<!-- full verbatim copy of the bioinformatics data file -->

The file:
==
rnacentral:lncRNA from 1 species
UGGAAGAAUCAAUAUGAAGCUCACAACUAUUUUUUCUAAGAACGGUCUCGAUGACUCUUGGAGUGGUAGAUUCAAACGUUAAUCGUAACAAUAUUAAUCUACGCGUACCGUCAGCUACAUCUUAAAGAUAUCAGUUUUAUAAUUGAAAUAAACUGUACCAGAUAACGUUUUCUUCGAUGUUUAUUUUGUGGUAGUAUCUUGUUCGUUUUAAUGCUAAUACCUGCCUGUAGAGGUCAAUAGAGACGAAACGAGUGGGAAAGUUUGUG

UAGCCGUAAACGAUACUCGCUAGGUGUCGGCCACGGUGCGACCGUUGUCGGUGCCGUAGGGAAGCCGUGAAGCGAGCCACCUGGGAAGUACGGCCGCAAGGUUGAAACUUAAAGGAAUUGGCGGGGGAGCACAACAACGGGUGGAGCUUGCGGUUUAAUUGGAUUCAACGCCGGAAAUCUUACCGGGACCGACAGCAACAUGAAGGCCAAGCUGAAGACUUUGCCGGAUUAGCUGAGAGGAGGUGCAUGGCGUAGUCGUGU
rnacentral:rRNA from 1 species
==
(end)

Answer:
rnacentral:lncRNA from 1 species
UGGAAGAAUCAAUAUGAAGCUCACAACUAUUUUUUCUAAGAACGGUCUCGAUGACUCUUGGAGUGGUAGAUUCAAACGUUAAUCGUAACAAUAUUAAUCUACGCGUACCGUCAGCUACAUCUUAAAGAUAUCAGUUUUAUAAUUGAAAUAAACUGUACCAGAUAACGUUUUCUUCGAUGUUUAUUUUGUGGUAGUAUCUUGUUCGUUUUAAUGCUAAUACCUGCCUGUAGAGGUCAAUAGAGACGAAACGAGUGGGAAAGUUUGUG

UAGCCGUAAACGAUACUCGCUAGGUGUCGGCCACGGUGCGACCGUUGUCGGUGCCGUAGGGAAGCCGUGAAGCGAGCCACCUGGGAAGUACGGCCGCAAGGUUGAAACUUAAAGGAAUUGGCGGGGGAGCACAACAACGGGUGGAGCUUGCGGUUUAAUUGGAUUCAACGCCGGAAAUCUUACCGGGACCGACAGCAACAUGAAGGCCAAGCUGAAGACUUUGCCGGAUUAGCUGAGAGGAGGUGCAUGGCGUAGUCGUGU
rnacentral:rRNA from 1 species